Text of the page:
Report released showing cost of developing affordable housing in Los Angeles
By Sam Catanzaro
As the Los Angeles City Controller reports that the cost of developing affordable housing in Los Angeles is too high, a city councilmember is suggesting housing individuals experiencing homelessness in already available units to address the homelessness crisis.
“It would be an understatement to say that the issues of housing affordability and homelessness have become the biggest challenges facing Los Angeles right now. With thousands of people trying to survive while sleeping on sidewalks, under bushes, in cars and elsewhere, while hundreds of thousands of our neighbors are at risk of becoming homeless because they are faced with high rents or eviction, these issues are inextricably tied together and should be thought of holistically, not as discrete problems that have no bearing upon one another,” said Councilmember Paul Koretz who represents Westwood and Century City.
On October 8, 2019, Los Angeles City Controller Ron Galperin released a report titled “The High Cost of Homeless Housing: Review of Proposition HHH” in which he suggests that lawmakers reallocate money intended for certain costly projects to fund temporary projects that will yield more immediate results.
“Tens of thousands of people spend each night in Los Angeles living on the streets, in temporary shelters, or in parked vehicles. Recently published data shows the crisis is becoming increasingly tragic throughout the region – more than 1,000 people experiencing homelessness in Los Angeles County will likely die this year. The City, County, and service providers have sought to address the homelessness crisis through a combination of strategies, including street outreach and placement in temporary shelters or supportive housing – but it has been a particularly difficult challenge,” Galperin said.
Los Angeles voters approved Proposition HHH in November 2016, authorizing the City to issue up to $1.2 billion in bonds to partially subsidize the development of up to 10,000 supportive housing units for individuals and families experiencing homelessness. HHH funds can also be used to support new affordable housing units, temporary shelters and service facilities.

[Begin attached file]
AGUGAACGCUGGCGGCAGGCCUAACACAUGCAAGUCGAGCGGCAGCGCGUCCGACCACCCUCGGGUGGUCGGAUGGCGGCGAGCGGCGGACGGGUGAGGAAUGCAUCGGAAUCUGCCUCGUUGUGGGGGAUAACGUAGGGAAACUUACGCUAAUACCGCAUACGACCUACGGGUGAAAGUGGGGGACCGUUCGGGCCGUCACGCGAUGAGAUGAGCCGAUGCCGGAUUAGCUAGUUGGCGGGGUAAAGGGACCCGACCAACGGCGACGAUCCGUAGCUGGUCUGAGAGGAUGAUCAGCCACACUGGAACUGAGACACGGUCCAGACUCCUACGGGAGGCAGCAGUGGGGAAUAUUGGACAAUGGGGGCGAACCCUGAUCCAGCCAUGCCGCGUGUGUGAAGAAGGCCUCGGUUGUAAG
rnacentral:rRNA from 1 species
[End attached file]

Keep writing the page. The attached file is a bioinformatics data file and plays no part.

The City’s initially estimated that the cost of building each studio/one-bedroom supportive housing unit would be $350,000 and a two-bedroom unit or larger would cost $414,000. While construction costs have increased across-the-board since these estimates were developed, the current costs far exceed the original projections.
“These resources are finite; it is critical that the City and developers minimize development costs in order to build as many housing units as possible,” Galperin said.
“These resources are finite; it is critical that the City and developers minimize development costs in order to build as many housing units as possible”Los Angeles City Controller Ron Galperin
According to Galperin, the median cost of building these units is $531,373 and approaches – and in many cases, exceeds – the median sale price of a condominium in the City of LA ($546,000) and a single-family home in Los Angeles County ($627,690).
The report cites one of the main drivers of costs to regulatory framework surrounding the development of affordable housing projects.
Projects built using public subsidies typically include requirements that can increase costs due to the need for additional consulting services to address legal or accounting issues. In addition, projects built using Proposition HHH funds can incur higher construction costs due to accessibility requirements, accounting for upwards of 40 percent of HHH project budgets.
“Developers, general contractors, and subcontractors may instead choose to pursue market-rate projects that yield greater profits, thereby shrinking the overall pool of available firms and driving up costs,” Galperin said.
In response to the reality of the situation, Galperin recommends reallocating some HHH dollars that have been conditionally funded, especially funds committed to especially costly.
“This may free up funding for projects with lower per-unit costs or for temporary shelters and other facilities,” Galperin said.
“We need to break the mold and embrace quicker, less expensive solutions or homelessness will continue to increase, encampments will continue to proliferate in our neighborhoods, and people will continue to die.”Councilmember Mike Bonin
In another push to the City for faster solutions to the homelessness crisis, on October 2 Councilmember Mike Bonin submitted a bill to City Council, urging the City to expand “master leasing” programs that use existing rental units to house people experiencing homelessness.
“The pathways into homelessness are big, varied, and fast-moving. But the pathways out of homelessness are few, narrow, and move far too slowly,” said Bonin. “We need to break the mold and embrace quicker, less expensive solutions or homelessness will continue to increase, encampments will continue to proliferate in our neighborhoods, and people will continue to die.”
One of Bonin’s motions urged the city to invest, as the County of Los Angeles has done, in master leasing, or a “flexible housing subsidy pool,” in which a government agency or social service agency rents available, existing housing units and makes them available to agencies providing housing to people experiencing homelessness. The county program has housed more than 7,000 people since 2014. Bonin also called for the city to explore whether it can require or incentivize that housing units covenanted for low-income residents be used as resources for a master leasing program, creating an available supply of housing units for agencies seeking placements for people experiencing homelessness.